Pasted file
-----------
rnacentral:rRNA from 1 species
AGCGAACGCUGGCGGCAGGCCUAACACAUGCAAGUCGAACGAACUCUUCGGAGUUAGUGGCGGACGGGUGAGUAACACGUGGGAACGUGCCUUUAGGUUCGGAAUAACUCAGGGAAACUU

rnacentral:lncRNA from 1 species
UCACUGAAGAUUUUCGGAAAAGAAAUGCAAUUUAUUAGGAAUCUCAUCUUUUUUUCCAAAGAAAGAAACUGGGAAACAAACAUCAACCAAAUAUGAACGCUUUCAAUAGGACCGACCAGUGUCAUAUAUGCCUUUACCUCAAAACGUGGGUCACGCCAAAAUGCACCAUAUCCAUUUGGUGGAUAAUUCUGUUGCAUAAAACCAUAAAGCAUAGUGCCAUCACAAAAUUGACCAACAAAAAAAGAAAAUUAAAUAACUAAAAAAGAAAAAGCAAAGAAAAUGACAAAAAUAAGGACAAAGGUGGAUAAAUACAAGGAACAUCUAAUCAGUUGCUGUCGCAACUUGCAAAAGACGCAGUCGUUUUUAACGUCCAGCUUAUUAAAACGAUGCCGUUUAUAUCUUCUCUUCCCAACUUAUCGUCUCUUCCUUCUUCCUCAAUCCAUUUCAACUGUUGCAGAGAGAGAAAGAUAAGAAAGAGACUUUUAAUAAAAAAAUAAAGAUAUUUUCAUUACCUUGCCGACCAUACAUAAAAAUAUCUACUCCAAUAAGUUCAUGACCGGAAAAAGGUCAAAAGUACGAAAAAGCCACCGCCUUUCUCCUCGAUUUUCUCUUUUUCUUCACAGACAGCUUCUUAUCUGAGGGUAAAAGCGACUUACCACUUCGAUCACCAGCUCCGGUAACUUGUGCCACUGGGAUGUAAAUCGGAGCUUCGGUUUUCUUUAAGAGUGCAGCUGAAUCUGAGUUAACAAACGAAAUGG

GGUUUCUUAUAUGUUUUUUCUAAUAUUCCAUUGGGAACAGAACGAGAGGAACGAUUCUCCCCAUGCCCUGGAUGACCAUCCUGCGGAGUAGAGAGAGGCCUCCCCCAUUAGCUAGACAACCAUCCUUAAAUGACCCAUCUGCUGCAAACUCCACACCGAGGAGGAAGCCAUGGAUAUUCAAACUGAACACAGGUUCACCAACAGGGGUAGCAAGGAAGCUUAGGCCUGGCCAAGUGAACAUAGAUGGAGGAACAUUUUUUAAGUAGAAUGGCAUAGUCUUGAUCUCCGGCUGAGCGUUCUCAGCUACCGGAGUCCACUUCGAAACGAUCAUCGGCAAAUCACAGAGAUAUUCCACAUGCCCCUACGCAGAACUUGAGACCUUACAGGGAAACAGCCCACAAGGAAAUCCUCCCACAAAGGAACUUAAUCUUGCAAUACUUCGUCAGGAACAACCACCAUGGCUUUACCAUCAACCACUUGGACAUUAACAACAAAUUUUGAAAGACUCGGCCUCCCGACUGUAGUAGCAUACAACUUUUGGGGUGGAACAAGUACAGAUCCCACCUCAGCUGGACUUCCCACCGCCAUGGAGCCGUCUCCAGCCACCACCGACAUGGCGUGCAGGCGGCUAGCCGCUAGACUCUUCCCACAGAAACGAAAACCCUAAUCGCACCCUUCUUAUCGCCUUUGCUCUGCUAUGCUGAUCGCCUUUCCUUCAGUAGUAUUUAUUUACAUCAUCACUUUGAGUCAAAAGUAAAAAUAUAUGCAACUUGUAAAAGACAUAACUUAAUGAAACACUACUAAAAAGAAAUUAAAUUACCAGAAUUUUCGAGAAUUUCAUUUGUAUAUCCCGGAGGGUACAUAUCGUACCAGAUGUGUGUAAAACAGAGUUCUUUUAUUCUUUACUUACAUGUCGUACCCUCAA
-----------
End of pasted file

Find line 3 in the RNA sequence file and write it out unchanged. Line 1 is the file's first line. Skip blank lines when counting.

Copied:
rnacentral:lncRNA from 1 species